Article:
TBF Financial LLC v. Jonathan Simmons
E2020-00396-COA-R3-CV
Authoring Judge: Judge Kenny Armstrong
Trial Court Judge: Judge Kristi M. Davis

Appellant appeals the trial court’s dismissal of his Tennessee Rule of Civil Procedure 60.02 motion for relief from a judgment entered against him in the Knox County General Sessions Court. Appellant’s Rule 60.02 motion was filed approximately 8 years after the judgment was entered, and the trial court held that it lacked jurisdiction based on the expiration of the 10-day time period set out in Tennessee Code Annotated Section 16-15- 727(b). Appellant’s motion was premised on his contention that he was never served with process in the general sessions court and, as such, the judgment was void ab initio. We conclude that the 10-day statutory time period does not preclude the trial court’s jurisdiction to address Rule 60.02 motions based on a void judgment. However, we do not reach the ultimate question of whether Appellant is entitled to such relief because there is a dispute of fact regarding whether proper service was achieved. This dispute must be resolved by the trial court in order to determine whether Rule 60.02(3) relief is warranted. Vacated and remanded.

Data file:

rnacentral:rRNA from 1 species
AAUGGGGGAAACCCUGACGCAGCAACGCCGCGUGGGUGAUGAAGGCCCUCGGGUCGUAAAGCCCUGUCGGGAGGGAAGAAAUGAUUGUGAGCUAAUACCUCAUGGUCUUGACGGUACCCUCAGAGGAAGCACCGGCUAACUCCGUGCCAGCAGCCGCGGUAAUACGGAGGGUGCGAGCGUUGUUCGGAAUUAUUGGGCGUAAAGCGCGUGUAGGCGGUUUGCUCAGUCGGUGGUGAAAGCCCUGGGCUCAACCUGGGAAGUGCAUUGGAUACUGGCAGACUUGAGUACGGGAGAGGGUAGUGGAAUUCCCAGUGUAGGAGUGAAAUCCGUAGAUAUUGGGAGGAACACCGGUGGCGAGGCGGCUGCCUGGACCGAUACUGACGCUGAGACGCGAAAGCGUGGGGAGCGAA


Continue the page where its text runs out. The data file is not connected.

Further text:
Knox County Court of Appeals 11/18/20
Fatma Adel Sekik v. Nehad Abdelnabi Et Al.
E2019-01302-COA-R3-CV
Authoring Judge: Judge J. Steven Stafford
Trial Court Judge: Judge Gregory S. McMillan

In this divorce appeal, Husband challenges the court’s failure to grant a continuance, the child support and alimony obligation imposed, and certain provisions of the parenting plan prohibiting contact with his children and revoking the parental rights set forth in Tennessee Code Annotated section 36-6-101(a)(3)(B). This proceeding also involved allegations of a conspiracy to defraud Wife of funds resulting from a sale of marital property in Gaza during the pendency of the divorce by Husband, his brother, and his brother’s wife; those nonspousal parties challenge the court’s jurisdiction over them and over the property in Gaza, as well as the court’s valuation of that property. They also challenge the court’s rulings that they engaged in a civil conspiracy and whether the judgment imposed against them is supported by the pleadings and the evidence. Upon our review of the issues raised, we discern no reversible error in the rulings of the court and accordingly affirm it in all respects.

Knox County Court of Appeals 11/18/20